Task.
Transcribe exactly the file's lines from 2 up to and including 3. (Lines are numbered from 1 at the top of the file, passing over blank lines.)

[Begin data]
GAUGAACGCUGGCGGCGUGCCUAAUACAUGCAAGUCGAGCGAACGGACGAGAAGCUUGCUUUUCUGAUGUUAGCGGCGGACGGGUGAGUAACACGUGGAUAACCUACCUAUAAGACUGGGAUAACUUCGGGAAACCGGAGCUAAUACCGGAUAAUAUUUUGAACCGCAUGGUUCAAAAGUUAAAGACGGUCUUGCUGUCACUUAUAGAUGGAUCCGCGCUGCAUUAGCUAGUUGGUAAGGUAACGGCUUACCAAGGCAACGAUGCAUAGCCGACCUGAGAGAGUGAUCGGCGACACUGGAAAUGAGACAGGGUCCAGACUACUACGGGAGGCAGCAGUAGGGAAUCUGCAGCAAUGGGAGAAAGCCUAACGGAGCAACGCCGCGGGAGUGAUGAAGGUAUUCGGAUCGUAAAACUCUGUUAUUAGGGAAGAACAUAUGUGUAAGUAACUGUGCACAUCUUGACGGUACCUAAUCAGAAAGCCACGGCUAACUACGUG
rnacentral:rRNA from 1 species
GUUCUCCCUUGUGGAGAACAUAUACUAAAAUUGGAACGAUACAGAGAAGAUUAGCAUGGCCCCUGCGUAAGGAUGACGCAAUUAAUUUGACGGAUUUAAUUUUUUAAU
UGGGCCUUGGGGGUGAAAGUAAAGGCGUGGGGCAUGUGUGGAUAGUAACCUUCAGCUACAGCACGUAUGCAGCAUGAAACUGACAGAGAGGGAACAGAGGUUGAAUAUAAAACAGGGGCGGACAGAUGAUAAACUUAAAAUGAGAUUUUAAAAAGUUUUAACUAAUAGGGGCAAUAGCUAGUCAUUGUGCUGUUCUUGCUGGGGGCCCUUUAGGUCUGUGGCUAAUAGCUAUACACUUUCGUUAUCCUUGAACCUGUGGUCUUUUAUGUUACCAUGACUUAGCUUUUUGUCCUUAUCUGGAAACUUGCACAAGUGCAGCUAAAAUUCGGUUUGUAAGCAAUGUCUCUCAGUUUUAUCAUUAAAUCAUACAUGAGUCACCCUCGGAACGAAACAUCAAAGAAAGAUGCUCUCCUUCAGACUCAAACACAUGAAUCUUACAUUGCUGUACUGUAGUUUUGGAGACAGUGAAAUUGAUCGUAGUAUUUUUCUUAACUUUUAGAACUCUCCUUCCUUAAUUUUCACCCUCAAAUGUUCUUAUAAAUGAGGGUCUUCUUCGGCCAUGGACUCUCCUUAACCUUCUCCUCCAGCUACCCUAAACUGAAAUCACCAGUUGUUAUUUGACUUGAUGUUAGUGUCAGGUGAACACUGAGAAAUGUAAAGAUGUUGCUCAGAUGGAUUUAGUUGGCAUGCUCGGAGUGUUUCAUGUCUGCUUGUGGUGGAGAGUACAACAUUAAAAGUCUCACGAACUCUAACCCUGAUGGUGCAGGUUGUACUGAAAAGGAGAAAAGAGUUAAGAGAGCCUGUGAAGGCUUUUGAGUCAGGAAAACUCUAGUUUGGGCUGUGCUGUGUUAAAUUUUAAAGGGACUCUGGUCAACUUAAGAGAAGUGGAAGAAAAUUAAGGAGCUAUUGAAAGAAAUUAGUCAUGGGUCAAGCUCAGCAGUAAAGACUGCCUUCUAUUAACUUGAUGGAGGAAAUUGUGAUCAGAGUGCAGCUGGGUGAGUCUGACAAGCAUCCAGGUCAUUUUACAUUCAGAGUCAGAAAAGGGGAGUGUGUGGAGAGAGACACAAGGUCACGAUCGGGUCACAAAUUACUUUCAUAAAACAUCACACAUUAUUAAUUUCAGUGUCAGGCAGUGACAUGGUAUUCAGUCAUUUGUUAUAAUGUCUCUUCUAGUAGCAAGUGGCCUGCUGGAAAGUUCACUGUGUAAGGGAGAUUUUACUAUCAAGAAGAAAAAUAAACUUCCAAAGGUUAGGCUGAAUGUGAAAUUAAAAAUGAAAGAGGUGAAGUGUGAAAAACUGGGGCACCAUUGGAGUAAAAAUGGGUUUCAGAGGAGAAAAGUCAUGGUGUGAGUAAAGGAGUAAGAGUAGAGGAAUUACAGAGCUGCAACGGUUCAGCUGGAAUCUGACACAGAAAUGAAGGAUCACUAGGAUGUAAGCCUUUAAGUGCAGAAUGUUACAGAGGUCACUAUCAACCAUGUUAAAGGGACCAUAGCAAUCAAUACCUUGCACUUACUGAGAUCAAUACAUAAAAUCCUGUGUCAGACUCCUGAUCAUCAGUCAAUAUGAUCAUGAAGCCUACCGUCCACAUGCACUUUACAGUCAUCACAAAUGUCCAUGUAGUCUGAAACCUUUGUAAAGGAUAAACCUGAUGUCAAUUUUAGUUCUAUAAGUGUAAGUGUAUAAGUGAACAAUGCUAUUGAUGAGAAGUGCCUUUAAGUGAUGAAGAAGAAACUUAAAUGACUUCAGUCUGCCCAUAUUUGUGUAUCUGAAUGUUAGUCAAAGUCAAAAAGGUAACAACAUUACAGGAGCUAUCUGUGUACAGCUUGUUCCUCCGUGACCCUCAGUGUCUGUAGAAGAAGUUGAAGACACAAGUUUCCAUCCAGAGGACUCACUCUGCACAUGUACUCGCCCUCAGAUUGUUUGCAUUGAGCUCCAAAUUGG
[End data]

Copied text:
rnacentral:rRNA from 1 species
GUUCUCCCUUGUGGAGAACAUAUACUAAAAUUGGAACGAUACAGAGAAGAUUAGCAUGGCCCCUGCGUAAGGAUGACGCAAUUAAUUUGACGGAUUUAAUUUUUUAAU